When you're doing a series, the biggest villain is time. Sometimes, the edit isn't locked and changes are made, so things that we've been planning for two months have to be redone. By that time, 500 shots have piled up. You can plan to finish something in a certain amount of time, but then you get the edit four days late. And with those four days gone, you still have to somehow finish it despite 3D taking so much time to do.
Haresh Hingorani, chief creative officer and VFX supervisor at Redchillies VFX: For the song 'Mere Naam Tu' in Zero (2018), the director wanted to show Shah Rukh Khan and Anushka Sharma singing, but he also wanted to show the rain falling on them in nice round beads, which only happens when you shoot water at 800 frames per second. That was the most challenging sequence to work on because if you're shooting at 800 FPS, it's such high speed that you won't be able to see anyone singing. So we shot the two things separately. We shot the song at 48 FPS, with different camera angles and different camera movements, and then shot the water at 800 FPS as a static shot. We didn't shoot both at 48 FPS together for two reasons — because the water wouldn't have looked good and because we had to make Shah Rukh's face smaller and his body shorter in post production and so couldn't have water falling on it. We used the water that we shot at 800 FPS as a reference and then recreated that digitally.
Because the process was so complicated, we didn't have any references to follow. You can see sequences on Discovery Channel in which water is shot at high speed, but those aren't songs and don't include actors so our job was a little tougher. That water had to interact with the floor, with Anushka's wheelchair, it had to fall on SRK's body, and all of these things had to look real and couldn't defy the laws of physics. It's a 5-minute, 37-second-long song in which each and every shot is VFX. The corridor was recreated digitally, so was the shorter version of Shah Rukh, so was the water falling on him. It took a team of 15 to 20 people six to seven months to finish the song. It was the hardest scene in the movie.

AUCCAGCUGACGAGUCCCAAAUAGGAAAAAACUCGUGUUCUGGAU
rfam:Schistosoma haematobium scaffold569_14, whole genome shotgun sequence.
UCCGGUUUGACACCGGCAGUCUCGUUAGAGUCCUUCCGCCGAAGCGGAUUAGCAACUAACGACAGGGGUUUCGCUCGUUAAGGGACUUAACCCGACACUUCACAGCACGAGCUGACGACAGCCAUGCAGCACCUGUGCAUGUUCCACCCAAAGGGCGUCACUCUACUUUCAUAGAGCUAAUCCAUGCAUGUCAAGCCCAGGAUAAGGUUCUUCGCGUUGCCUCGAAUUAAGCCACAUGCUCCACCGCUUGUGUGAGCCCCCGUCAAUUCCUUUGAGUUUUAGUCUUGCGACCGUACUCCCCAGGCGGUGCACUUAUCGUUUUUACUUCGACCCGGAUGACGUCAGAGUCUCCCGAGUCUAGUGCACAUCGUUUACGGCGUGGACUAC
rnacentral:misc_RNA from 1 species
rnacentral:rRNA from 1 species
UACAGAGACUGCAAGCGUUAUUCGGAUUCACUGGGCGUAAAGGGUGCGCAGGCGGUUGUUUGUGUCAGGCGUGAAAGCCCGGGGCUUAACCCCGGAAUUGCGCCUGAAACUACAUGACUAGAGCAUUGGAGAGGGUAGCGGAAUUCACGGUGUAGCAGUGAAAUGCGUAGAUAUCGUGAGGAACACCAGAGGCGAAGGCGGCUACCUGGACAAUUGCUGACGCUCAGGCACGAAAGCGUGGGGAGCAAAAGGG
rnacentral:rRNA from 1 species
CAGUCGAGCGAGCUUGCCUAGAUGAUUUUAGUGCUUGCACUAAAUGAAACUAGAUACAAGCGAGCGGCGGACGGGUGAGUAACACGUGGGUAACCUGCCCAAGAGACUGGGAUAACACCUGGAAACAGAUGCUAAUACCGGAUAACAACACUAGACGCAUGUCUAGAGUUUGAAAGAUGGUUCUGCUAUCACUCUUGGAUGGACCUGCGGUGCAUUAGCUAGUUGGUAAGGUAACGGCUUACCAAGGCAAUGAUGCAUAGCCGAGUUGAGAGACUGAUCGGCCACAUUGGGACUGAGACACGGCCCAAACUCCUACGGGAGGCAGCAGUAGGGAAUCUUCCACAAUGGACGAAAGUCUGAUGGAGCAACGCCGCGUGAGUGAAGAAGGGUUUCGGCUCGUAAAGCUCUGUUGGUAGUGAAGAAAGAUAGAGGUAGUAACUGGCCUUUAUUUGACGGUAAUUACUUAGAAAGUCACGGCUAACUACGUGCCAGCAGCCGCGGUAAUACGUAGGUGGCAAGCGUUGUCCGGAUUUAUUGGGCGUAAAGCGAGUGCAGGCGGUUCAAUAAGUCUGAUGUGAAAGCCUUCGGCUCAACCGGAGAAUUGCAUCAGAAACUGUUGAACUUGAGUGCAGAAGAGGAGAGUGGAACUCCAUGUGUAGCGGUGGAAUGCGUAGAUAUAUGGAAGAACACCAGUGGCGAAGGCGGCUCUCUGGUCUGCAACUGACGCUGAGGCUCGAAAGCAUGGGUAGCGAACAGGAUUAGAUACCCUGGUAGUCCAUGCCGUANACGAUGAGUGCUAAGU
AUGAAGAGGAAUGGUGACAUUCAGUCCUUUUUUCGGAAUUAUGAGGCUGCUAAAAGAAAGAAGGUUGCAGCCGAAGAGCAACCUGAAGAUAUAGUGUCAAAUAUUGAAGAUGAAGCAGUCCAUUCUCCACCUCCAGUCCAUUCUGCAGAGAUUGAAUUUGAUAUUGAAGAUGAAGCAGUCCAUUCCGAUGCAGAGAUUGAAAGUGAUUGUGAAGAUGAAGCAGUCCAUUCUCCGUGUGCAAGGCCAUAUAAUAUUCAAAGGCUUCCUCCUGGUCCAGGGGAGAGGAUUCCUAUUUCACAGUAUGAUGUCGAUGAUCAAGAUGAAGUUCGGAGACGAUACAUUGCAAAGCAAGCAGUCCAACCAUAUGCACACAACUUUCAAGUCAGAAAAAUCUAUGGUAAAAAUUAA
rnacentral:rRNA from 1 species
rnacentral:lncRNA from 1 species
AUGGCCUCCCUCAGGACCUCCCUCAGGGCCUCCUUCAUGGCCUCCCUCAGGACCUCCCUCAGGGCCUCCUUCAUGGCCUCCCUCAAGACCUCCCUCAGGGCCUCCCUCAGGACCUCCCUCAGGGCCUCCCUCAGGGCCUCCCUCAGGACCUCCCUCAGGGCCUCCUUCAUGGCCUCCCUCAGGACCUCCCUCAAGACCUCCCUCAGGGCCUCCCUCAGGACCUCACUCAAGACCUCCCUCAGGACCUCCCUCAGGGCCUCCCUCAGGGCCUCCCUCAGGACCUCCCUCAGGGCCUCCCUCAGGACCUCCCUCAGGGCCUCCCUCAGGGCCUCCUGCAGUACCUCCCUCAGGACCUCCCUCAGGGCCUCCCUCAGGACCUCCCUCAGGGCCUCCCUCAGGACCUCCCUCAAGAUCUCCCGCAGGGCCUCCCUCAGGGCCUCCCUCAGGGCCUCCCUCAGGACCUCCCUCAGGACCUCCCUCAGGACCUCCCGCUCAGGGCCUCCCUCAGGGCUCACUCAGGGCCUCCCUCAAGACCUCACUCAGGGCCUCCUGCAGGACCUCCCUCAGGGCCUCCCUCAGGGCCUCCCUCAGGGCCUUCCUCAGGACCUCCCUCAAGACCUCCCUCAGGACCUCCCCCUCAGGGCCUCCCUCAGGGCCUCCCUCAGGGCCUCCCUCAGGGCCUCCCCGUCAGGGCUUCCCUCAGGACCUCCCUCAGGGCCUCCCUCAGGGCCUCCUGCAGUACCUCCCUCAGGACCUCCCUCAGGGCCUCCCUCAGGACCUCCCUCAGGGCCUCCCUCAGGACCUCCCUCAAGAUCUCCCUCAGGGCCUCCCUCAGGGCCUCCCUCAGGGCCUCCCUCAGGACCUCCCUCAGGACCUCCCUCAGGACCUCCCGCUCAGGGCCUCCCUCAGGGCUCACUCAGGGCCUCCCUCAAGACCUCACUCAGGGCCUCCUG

Naveen Paul, co-founder and creative head at NY VFXWAALA: The most complicated film I worked on was Shivaay (2016), for which I won the National Film Award for Best Special Effects in 2016. If you watch the film, it looks like the whole thing has been shot in the Himalayas, but it was actually shot at Film City. There were specific shots in which one part was shot through the camera and the other part was not shot at all, but digitally recreated. These parts were stitched together to create one final shot. There were specific shots in which 90 percent of the elements added to the image were created digitally.
For example, if a shot is five seconds long, the first one-and-a-half seconds would be completely digital, then the next 30 seconds would be images shot with the camera, then the next second would be completely digital once again and the end would be something we shot with the camera. So a shot of five seconds would have four such 'stitches' — from digital to live to back to digital and then live again.
The most important thing for these kinds of shots is to find a precise stitch point, one without any overlapping of the frame, without it being obvious that this is where the shot is getting stitched. A lot of homework goes into that.
Though we digitally recreated the main actors in this movie, it was for situations that needed them to do larger-than-life stunts like jumping off a cliff. We didn't recreate them for situations in which there were close-ups of them saying dialogues. Step one was to scan the actor. Step two was to capture his expressions and a few specific dialogues with exaggerated expressions that could be later tweaked according to the intensity of the scene. It takes months and years to recreate a photo-realistic actor. More than 400 people worked on Shivaay for a year and a half.